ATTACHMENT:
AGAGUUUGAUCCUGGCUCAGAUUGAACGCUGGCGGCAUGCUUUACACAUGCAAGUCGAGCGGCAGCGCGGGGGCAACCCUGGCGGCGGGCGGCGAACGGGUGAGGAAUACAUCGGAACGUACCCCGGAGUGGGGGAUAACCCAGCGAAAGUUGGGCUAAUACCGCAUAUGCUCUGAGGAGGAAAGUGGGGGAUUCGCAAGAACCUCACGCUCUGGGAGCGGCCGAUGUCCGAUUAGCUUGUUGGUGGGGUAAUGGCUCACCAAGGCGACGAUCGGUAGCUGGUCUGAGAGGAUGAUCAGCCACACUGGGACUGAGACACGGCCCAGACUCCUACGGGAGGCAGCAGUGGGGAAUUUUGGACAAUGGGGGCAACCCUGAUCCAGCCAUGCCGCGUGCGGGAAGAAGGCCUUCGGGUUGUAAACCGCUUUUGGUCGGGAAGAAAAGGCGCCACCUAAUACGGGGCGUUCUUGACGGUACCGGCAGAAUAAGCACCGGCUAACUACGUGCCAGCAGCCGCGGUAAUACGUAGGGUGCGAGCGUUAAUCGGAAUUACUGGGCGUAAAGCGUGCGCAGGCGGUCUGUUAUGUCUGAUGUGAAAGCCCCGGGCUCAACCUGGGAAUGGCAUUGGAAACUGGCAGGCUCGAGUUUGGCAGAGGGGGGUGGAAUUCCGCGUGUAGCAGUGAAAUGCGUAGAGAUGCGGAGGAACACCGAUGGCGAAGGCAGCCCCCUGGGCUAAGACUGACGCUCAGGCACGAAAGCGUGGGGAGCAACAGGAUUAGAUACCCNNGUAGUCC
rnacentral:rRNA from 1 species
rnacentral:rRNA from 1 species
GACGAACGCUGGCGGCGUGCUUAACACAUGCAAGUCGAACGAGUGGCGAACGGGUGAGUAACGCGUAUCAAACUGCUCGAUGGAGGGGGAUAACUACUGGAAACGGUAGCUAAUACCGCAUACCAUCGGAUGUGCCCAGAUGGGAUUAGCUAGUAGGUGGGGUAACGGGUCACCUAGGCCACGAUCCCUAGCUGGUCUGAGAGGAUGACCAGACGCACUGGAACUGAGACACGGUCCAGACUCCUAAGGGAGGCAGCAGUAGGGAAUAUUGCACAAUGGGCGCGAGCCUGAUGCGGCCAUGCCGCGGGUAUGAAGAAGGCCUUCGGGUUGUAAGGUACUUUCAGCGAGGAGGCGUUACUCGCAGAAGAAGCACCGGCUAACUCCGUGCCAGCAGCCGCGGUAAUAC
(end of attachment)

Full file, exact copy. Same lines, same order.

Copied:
AGAGUUUGAUCCUGGCUCAGAUUGAACGCUGGCGGCAUGCUUUACACAUGCAAGUCGAGCGGCAGCGCGGGGGCAACCCUGGCGGCGGGCGGCGAACGGGUGAGGAAUACAUCGGAACGUACCCCGGAGUGGGGGAUAACCCAGCGAAAGUUGGGCUAAUACCGCAUAUGCUCUGAGGAGGAAAGUGGGGGAUUCGCAAGAACCUCACGCUCUGGGAGCGGCCGAUGUCCGAUUAGCUUGUUGGUGGGGUAAUGGCUCACCAAGGCGACGAUCGGUAGCUGGUCUGAGAGGAUGAUCAGCCACACUGGGACUGAGACACGGCCCAGACUCCUACGGGAGGCAGCAGUGGGGAAUUUUGGACAAUGGGGGCAACCCUGAUCCAGCCAUGCCGCGUGCGGGAAGAAGGCCUUCGGGUUGUAAACCGCUUUUGGUCGGGAAGAAAAGGCGCCACCUAAUACGGGGCGUUCUUGACGGUACCGGCAGAAUAAGCACCGGCUAACUACGUGCCAGCAGCCGCGGUAAUACGUAGGGUGCGAGCGUUAAUCGGAAUUACUGGGCGUAAAGCGUGCGCAGGCGGUCUGUUAUGUCUGAUGUGAAAGCCCCGGGCUCAACCUGGGAAUGGCAUUGGAAACUGGCAGGCUCGAGUUUGGCAGAGGGGGGUGGAAUUCCGCGUGUAGCAGUGAAAUGCGUAGAGAUGCGGAGGAACACCGAUGGCGAAGGCAGCCCCCUGGGCUAAGACUGACGCUCAGGCACGAAAGCGUGGGGAGCAACAGGAUUAGAUACCCNNGUAGUCC
rnacentral:rRNA from 1 species
rnacentral:rRNA from 1 species
GACGAACGCUGGCGGCGUGCUUAACACAUGCAAGUCGAACGAGUGGCGAACGGGUGAGUAACGCGUAUCAAACUGCUCGAUGGAGGGGGAUAACUACUGGAAACGGUAGCUAAUACCGCAUACCAUCGGAUGUGCCCAGAUGGGAUUAGCUAGUAGGUGGGGUAACGGGUCACCUAGGCCACGAUCCCUAGCUGGUCUGAGAGGAUGACCAGACGCACUGGAACUGAGACACGGUCCAGACUCCUAAGGGAGGCAGCAGUAGGGAAUAUUGCACAAUGGGCGCGAGCCUGAUGCGGCCAUGCCGCGGGUAUGAAGAAGGCCUUCGGGUUGUAAGGUACUUUCAGCGAGGAGGCGUUACUCGCAGAAGAAGCACCGGCUAACUCCGUGCCAGCAGCCGCGGUAAUAC